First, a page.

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Snapchat, Ignore the Haters: History Shows Freak-Outs Over Redesigns Subside

Snapchat is facing an epic user revolt over its major app overhaul. The company, for now, is sticking to its guns — which seems to be the smart move.

Quick refresher: Snap unveiled the biggest Snapchat redesign in three years last fall and began rolling it out broadly this month. The goals were to make the app simpler to use and to more cleanly delineate “social” interactions from “media” consumption. “Your friends aren’t content. They’re relationships,” Snap CEO Evan Spiegel said in a peppy marketing video last fall about the new app design.

But many Snapchatters are up in arms, complaining that it’s harder to find messages and friends on the new “dynamic” friends page. More than 1 million people have signed a Change.org petition demanding that Snap scrap the new design. “The new layout is horrid,” one user wrote in a one-star review on Google Play. “Consider the old layout or I may even delete the app. It’s such trash now.”

Spiegel, speaking Thursday at an investor conference, indicated Snap isn’t going to change course. “Some of the complaints we are seeing are reinforcing our philosophy,” he said. For instance, some Snapchat users complained that the celebrities they follow on the platform aren’t in their friend list anymore, about which Spiegel commented: “They’re not your friends.”

Yes, the jury is still out on whether the Snap decision on the resdesign was a serious miscalculation. It’s possible that millions of irritated users actually junk it. But if history is any guide, the brouhaha will fade.

The tech industry is rife with examples of design changes that prompted users to throw conniption fits, before the hubbub abated within a few months — and usage on each of the platforms continued to climb:

  • When Instagram changed its logo two years ago, many fans completely hated it: The New York Times dubbed it “The Great Instagram Logo Freakout of 2016.” Earlier that year, Instagram switched users’ feeds from chronological to algorithmically sorted presentation; that led to, yes, a Change.org petition to keep Instagram chronological signed by 343,000 people. Spoiler alert: Instagram didn’t go back to the old design.
  • A staunch contingent of Twitter purists fought against its move to expand from 140 to 280 characters, which went into effect for all users in November. The result? Twitter reported that average daily active users grew 12% year-over-year in the fourth quarter of 2017.
  • Back in 2012, an eternity in internet time, Facebook (horrors!) switched from “Walls” to the now-established Timeline format. “It was basically the end of the world for a few weeks,” per a CNN report, citing a poll at the time that found less than 10% of Facebook users liked the change.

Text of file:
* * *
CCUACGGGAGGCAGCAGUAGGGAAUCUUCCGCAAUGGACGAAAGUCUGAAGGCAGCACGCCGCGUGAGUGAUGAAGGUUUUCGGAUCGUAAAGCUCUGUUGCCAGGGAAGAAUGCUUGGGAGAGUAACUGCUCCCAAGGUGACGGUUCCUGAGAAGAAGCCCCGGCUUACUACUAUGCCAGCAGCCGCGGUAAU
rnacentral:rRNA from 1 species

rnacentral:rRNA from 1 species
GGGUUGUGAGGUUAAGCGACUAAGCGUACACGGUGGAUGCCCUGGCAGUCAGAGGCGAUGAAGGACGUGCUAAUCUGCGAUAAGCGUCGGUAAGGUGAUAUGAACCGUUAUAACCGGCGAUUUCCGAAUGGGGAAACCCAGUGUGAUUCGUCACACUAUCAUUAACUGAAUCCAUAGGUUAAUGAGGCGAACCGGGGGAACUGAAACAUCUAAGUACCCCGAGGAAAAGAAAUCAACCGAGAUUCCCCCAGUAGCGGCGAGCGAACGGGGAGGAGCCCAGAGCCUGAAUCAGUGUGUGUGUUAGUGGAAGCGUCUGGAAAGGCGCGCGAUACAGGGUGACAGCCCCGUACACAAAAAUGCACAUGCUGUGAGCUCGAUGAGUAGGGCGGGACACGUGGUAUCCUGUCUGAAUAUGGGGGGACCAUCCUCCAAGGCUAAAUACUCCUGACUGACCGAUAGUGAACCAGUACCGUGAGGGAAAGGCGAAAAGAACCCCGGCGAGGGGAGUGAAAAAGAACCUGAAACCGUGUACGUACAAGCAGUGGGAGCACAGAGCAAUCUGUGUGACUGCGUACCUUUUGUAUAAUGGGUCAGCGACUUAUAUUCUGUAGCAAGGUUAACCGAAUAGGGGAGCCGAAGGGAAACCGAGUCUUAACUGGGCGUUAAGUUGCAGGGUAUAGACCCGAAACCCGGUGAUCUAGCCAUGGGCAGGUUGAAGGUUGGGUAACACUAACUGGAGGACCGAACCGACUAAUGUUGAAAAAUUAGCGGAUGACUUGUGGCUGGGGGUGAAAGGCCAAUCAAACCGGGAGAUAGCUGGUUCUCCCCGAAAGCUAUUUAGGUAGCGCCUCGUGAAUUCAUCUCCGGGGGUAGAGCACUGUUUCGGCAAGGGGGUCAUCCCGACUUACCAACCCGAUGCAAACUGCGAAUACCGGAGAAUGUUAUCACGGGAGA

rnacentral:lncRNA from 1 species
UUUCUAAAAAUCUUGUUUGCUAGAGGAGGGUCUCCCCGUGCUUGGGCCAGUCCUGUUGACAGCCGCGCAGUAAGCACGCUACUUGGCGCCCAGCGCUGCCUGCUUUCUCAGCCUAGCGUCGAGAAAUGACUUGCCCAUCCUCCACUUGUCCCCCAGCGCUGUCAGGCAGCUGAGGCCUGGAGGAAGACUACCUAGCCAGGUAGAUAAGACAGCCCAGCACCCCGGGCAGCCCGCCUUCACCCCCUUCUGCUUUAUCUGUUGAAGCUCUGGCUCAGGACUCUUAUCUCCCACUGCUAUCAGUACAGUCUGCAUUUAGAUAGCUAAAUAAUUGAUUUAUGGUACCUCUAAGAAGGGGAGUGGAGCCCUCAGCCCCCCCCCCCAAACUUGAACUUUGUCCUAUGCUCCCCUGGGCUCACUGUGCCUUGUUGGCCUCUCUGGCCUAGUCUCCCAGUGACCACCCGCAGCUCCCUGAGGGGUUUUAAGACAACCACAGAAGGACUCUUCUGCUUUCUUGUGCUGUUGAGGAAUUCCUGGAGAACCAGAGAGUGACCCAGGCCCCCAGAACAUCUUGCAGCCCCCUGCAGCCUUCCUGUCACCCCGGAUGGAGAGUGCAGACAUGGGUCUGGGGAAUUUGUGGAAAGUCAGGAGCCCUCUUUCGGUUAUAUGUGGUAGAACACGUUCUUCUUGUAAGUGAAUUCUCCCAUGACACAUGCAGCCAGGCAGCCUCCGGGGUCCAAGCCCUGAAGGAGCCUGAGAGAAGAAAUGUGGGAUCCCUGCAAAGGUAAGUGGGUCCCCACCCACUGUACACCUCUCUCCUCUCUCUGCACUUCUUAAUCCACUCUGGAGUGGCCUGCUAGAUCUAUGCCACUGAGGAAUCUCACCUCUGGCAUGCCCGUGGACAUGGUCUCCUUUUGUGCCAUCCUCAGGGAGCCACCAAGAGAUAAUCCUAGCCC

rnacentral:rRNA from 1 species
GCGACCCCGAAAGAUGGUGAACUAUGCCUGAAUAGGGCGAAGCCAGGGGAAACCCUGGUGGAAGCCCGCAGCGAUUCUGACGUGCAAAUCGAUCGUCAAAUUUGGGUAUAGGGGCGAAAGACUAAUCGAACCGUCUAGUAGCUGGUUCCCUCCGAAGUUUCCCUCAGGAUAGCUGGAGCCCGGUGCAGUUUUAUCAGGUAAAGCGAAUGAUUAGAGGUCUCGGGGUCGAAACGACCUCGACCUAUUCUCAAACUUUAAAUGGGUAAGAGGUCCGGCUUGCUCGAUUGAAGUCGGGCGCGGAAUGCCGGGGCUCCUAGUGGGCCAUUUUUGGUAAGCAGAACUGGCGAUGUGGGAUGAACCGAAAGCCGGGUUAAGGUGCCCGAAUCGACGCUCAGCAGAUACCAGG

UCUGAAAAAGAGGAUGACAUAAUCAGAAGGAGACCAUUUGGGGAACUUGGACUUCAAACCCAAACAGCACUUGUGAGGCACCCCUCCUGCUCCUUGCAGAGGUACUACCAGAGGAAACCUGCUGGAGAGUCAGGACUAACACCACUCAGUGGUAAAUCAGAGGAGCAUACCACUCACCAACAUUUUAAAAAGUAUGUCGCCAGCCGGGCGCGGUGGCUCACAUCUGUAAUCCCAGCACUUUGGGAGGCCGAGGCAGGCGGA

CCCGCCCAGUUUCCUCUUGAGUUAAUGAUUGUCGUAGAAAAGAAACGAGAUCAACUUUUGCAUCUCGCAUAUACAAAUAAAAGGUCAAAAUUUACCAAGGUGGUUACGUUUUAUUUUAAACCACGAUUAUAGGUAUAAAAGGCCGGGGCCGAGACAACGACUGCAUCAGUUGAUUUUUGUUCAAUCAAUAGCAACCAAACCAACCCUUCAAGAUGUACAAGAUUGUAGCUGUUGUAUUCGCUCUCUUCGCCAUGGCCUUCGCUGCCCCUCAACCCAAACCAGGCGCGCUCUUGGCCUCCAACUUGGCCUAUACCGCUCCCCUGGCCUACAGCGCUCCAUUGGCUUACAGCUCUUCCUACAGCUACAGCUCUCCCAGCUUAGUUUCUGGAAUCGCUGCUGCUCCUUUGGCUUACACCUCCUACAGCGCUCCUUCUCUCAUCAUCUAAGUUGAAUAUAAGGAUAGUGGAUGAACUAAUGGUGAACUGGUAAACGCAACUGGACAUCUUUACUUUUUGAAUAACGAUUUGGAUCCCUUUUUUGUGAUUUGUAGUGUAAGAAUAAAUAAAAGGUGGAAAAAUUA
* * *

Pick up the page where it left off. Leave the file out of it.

• Let’s not forget one of the most disruptive changes in recent memory: Netflix’s decision in 2011 to split DVD rentals from its streaming service, which some believed was a monumental error. True, Netflix made some mistakes (remember Qwikster?) and saw heavy churn from what effectively was a price hike. But ripping off that Band-Aid was the right thing to do — and now Reed Hastings and crew are riding high, with a booming streaming business and DVD-by-mail sidecar that still throws off cash.

The list of tech product-design changes that have angered people could go on and on. Less than a year ago, Netflix eliminated the five-star content rating system, moving instead to thumbs up/thumbs down ratings. Many customers hated it. But the world has kept turning. Netflix has continued to grow.

Snapchat itself has been through hand-wringing over prior app tweaks.

In 2014, after it added the ability to send text and video chats, “Not only were teenagers saying they didn’t like the update; they also didn’t understand how it worked,” Business Insider wrote at the time. And two years ago, Snapchat merely changed its font — leading to a “meltdown online,” according to a Digiday story, citing an analysis of 3,000 internet comments that found 74% indicated negative sentiment.

And it’s worth pointing out that Spiegel and the rest of the Snapchat team fully anticipated a backlash over the latest redesign.

“There is a strong likelihood that the redesign of our application will be disruptive to our business in the short term, and we don’t yet know how the behavior of our community will change when they begin to use our updated application,” the CEO said in prepared remarks on the company’s Q3 2017 earnings call. But, he added, “We’re willing to take that risk for what we believe are substantial long-term benefits to our business.”

What benefits, exactly? Snapchat believes the new app puts it in a better position to monetize media content. Among the changes, the company says Snapchat Discover will become “uniquely personalized” for each user. And the company has said that it will bring top creators into the revenue-sharing pool — an incentive for influencers to produce more content for the right-hand (media) side of the app.

“This redesign, if it delivers on its promise to serve quality content in a targeted way, could be just what Snapchat needs to increase eyeball time on the app,” Yuval Ben-Itzhak, CEO of social-analytics firm Socialbakers, commented after Snap showed off the new look last November.

In any event, chances are good that the current fuss over the Snapchat redesign will evaporate pretty soon — and no one will remember what the big deal was about.

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